I am getting ready to teach a college course in the fall and that is causing me to think back on my own experiences in college. I remember so little of the coursework. My most significant learning came from one experience.
For the culminating class of my master’s program, each of us had to do a project and give a twenty-minute presentation about the project. The presentations were critiqued by a panel of expert practitioners. One of the practitioners had written a book that was part of our curriculum.
I began my presentation, speaking to the class but paying close attention to the men (they were all men) at the critique table in the back of the room. I was probably no more than five minutes into my presentation when the man whose photo was on the back of the book stopped me to ask a question. I answered it. He asked a follow up. I answered. There was some conversation at the back table and then I was asked to sit down.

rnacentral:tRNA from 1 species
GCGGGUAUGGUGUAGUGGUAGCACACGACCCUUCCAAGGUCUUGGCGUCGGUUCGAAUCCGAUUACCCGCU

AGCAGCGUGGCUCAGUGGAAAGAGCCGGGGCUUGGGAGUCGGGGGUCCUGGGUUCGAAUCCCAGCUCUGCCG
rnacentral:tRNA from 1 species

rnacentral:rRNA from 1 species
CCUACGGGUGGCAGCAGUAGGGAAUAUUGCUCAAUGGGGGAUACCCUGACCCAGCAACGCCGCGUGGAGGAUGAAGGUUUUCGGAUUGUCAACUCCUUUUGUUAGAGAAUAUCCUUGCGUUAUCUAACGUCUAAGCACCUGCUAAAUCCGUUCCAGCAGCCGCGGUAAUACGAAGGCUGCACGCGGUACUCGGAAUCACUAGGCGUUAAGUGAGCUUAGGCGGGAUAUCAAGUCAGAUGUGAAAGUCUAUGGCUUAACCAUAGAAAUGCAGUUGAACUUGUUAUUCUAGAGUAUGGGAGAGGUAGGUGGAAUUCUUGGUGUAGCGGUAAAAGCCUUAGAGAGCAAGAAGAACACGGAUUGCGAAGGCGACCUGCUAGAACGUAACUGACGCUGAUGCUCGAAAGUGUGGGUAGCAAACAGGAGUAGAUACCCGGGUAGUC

I sat, humiliated. The reason I was asked to sit was that I was describing the hammer I had built to solve a problem that was not a nail. I was a good student and I was good at building hammers but that wasn’t what the situation required. It was a harsh but valuable lesson.
After I was in my career, the memory of this experience kept me from building hammers when hammers weren’t going to solve the problem. It helped me advocate for solutions that would work because I knew the cost of building a worthless hammer.
Chewing the Cud of Good
I talked to two of my friends yesterday and I am wiggling my toes with happiness.